Safe Schools and Communities Team (SSCT)
The Safe Schools and Communities Team (SSCT) is a dedicated team operating within Dorset Police.
It aims to prevent and reduce crime, anti-social behaviour and wrong-doing by and between children and young people. It also aims to safeguard young people when they are in the digital world.
Since 2005 the team has worked closely with schools, police colleagues and local safeguarding boards to identify individuals who would benefit from intervention and education in a number of areas, such as drug and alcohol misuse, offensive weapons, internet safety, child sexual exploitation, domestic abuse and anti-social behaviour. The team delivers education and training in these areas to ensure the children and young people of Dorset have the skills and knowledge to make informed decisions about their behaviours.
The SSCT has three departments: community safety, youth out of court disposals and triage.
Community Safety involves the education and training of children and young people throughout the county. Training also includes training professionals such as teachers, how to recognise the signs and symptoms of issues that affect children and young people as well as informing them how to deal with these issues should they arise.
SSCT officers are trained in Restorative Justice, so they are able to deal with issues that require some form of focused intervention, but do not necessarily require the court process. This might be things such as bullying, shoplifting and possession of drugs.
The triage department aims to respond to school and internet incidents in schools more effectively. Incidents reported to police that take place in an educational setting and involve a school pupil are referred to the SSCT. This also includes youth internet safety incidents such as cyber bullying, unwanted sexual solicitations, aggressive behaviour and unwanted exposure to sexual material.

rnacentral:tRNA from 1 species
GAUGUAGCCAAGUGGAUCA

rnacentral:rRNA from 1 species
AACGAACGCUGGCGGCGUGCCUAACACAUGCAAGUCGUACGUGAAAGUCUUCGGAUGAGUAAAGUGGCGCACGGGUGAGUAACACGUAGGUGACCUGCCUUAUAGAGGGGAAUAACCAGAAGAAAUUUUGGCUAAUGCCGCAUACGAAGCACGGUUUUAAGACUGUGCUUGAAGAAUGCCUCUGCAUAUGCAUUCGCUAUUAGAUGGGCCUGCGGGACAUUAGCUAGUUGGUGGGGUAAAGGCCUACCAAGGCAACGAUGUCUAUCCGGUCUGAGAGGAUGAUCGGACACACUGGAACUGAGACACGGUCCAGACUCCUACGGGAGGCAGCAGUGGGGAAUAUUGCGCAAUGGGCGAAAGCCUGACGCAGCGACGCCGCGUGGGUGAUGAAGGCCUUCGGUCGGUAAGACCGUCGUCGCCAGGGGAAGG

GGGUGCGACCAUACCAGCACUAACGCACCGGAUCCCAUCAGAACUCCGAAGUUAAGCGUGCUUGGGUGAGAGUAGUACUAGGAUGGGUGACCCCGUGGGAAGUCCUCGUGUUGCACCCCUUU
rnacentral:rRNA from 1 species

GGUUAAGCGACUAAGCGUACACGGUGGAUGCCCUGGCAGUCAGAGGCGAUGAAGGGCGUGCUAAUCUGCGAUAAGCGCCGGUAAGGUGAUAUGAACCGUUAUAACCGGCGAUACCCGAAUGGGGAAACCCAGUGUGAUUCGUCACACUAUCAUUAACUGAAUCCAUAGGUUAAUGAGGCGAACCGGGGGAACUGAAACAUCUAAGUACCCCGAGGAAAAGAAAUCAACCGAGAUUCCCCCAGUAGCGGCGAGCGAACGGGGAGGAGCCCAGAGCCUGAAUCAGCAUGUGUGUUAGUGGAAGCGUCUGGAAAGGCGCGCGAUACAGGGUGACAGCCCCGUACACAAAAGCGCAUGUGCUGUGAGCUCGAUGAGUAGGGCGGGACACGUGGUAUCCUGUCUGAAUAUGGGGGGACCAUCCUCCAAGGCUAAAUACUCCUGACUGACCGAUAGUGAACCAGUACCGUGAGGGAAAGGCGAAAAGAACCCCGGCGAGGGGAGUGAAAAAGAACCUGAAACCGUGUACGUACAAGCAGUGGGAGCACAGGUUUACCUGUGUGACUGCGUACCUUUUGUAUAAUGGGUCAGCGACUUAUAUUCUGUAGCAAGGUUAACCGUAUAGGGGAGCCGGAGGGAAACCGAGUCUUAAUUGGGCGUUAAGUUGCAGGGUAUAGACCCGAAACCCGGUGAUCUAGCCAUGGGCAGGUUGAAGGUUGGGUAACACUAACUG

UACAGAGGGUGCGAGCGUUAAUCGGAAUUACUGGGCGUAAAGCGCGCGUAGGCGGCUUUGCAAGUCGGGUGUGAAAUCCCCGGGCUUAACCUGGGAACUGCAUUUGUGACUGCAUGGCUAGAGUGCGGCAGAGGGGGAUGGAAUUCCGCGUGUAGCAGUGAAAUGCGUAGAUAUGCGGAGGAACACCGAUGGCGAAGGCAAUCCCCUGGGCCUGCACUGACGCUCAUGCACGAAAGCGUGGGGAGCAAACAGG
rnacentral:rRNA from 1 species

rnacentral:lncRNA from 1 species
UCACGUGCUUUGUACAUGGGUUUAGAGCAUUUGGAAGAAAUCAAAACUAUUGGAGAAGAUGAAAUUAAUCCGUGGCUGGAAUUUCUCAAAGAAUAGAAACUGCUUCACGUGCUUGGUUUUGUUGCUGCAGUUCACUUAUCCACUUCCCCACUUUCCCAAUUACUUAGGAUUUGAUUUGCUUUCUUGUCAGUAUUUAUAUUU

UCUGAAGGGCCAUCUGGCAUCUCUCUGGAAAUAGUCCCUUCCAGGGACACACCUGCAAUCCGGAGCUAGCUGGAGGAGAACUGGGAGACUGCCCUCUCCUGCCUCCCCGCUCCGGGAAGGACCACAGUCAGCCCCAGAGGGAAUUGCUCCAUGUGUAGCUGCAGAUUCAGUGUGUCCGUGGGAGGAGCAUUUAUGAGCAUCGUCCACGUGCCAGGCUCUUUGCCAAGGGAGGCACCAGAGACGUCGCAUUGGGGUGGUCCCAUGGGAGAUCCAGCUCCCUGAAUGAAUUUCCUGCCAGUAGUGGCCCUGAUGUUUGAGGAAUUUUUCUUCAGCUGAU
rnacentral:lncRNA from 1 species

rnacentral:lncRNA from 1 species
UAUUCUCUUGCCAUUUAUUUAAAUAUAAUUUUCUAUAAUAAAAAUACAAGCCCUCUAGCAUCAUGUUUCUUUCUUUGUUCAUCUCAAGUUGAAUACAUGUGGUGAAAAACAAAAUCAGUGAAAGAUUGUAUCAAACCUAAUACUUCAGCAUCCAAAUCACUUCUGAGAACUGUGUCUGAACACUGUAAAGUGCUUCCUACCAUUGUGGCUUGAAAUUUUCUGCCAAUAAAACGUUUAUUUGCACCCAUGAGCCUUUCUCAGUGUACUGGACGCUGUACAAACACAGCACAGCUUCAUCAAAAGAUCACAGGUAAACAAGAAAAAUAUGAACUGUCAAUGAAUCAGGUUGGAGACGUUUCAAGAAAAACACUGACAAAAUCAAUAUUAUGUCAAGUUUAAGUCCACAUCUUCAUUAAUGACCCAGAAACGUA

The funding from the Safer Dorset Fund goes towards the overall running of the SSCT. Find out more about the work the SSCT do.
Case Study 1
The Safe Schools and Communities Team (SSCT) attended an upper school in the County to deliver a personal safety education package called A Night to Remember to the school- Year 11 students*. At the end of the session the officer was approached by a student wishing to disclose, (on behalf of a friend), that a member of staff from the school had approached a fellow school pupil on a Saturday and shown him his penis and asked him to touch it.
The male student was too scared to tell anyone, however one of his friends had gone to the schools designated safeguarding lead (DSL) and informed them of what had happened. The DSL had unfortunately told the friend that they could not act on it, unless the male student reported it himself, which he didn’t feel able to do. SSCT officers contacted the Police Safeguarding Referral Unit (SRU) and the male was arrested and an investigation commenced. SSCT was asked by the investigating officers to advise the head teacher at the school about how this matter should have been dealt with, to prevent incidents of this type happening again. The male also received support from specially trained officers and external agencies.
*This programme highlights to students the safeguarding issues related to alcohol misuse within our town’s pubs and clubs. Information relating to violent crime statistics is shared along with local case studies involving rape, sexual assault and physical assaults. Students are given advice about how to keep themselves safe when visiting these areas
Case Study 2
A 14 year old male was reported to the Police for stealing lighter fluid from a local shop. The offence was deemed suitable for a Youth Restorative Disposal (YRD) and he was asked to attend a police station on a Saturday for the Safe Schools and Communities Team (SSCT) to provide that formal outcome. (the SSCT provide the outcome using a Restorative Justice(RJ) approach)
The boy’s mother became very upset as this was unusual behaviour for her son. During the RJ the male disclosed to the officer that previously he had found a relative unconscious on the floor at home, he commenced First Aid and CPR but unfortunately was unable to revive them. The boy then went on to explain that he had started inhailing lighter fluid as he blamed himself for not being able to save them and this helped him cope with this tragic event. His mum was relieved and also upset as she had noticed big changes in his behaviour and could not work out what the issue was.
The SSCT were able to refer to a partner agency for drug addiction to get support, and suggested a referral to their local GP to help the family with the bereavement.